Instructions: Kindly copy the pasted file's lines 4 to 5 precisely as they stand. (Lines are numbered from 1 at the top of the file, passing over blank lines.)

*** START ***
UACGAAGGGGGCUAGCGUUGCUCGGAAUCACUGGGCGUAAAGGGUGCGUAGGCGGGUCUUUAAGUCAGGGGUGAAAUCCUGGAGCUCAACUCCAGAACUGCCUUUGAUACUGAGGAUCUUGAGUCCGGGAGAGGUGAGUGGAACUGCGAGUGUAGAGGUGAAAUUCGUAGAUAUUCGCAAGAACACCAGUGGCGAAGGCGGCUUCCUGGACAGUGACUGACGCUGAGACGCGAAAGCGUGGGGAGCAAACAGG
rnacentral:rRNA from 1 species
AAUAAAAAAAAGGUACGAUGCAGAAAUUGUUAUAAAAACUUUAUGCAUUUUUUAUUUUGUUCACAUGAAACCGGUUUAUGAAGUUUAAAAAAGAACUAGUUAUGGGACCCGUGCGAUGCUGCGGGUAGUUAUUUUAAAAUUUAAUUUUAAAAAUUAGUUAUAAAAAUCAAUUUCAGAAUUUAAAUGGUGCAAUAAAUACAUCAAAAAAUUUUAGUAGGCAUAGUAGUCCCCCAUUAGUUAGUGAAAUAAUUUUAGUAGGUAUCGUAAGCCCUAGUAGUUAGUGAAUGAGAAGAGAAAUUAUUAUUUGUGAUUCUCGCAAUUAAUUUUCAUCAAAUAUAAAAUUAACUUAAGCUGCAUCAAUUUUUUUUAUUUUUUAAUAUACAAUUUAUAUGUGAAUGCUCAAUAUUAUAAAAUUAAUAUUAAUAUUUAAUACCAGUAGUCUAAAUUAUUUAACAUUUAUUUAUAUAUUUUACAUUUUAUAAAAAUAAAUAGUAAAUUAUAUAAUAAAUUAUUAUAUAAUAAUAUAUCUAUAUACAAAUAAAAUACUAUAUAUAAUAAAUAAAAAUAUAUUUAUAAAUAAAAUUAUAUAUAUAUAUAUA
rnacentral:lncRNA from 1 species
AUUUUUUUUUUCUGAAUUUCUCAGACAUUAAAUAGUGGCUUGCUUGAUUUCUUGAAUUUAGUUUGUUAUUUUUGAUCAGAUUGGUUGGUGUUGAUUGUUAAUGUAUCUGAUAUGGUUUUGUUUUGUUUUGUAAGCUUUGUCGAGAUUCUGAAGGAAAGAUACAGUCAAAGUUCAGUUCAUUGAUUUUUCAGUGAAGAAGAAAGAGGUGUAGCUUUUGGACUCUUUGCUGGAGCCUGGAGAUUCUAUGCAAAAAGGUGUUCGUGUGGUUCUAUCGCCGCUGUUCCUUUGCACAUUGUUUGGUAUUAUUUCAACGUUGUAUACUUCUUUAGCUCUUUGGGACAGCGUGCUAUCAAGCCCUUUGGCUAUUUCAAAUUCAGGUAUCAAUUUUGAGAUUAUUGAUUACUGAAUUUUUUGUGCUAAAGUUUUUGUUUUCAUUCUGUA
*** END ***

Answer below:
rnacentral:lncRNA from 1 species
AUUUUUUUUUUCUGAAUUUCUCAGACAUUAAAUAGUGGCUUGCUUGAUUUCUUGAAUUUAGUUUGUUAUUUUUGAUCAGAUUGGUUGGUGUUGAUUGUUAAUGUAUCUGAUAUGGUUUUGUUUUGUUUUGUAAGCUUUGUCGAGAUUCUGAAGGAAAGAUACAGUCAAAGUUCAGUUCAUUGAUUUUUCAGUGAAGAAGAAAGAGGUGUAGCUUUUGGACUCUUUGCUGGAGCCUGGAGAUUCUAUGCAAAAAGGUGUUCGUGUGGUUCUAUCGCCGCUGUUCCUUUGCACAUUGUUUGGUAUUAUUUCAACGUUGUAUACUUCUUUAGCUCUUUGGGACAGCGUGCUAUCAAGCCCUUUGGCUAUUUCAAAUUCAGGUAUCAAUUUUGAGAUUAUUGAUUACUGAAUUUUUUGUGCUAAAGUUUUUGUUUUCAUUCUGUA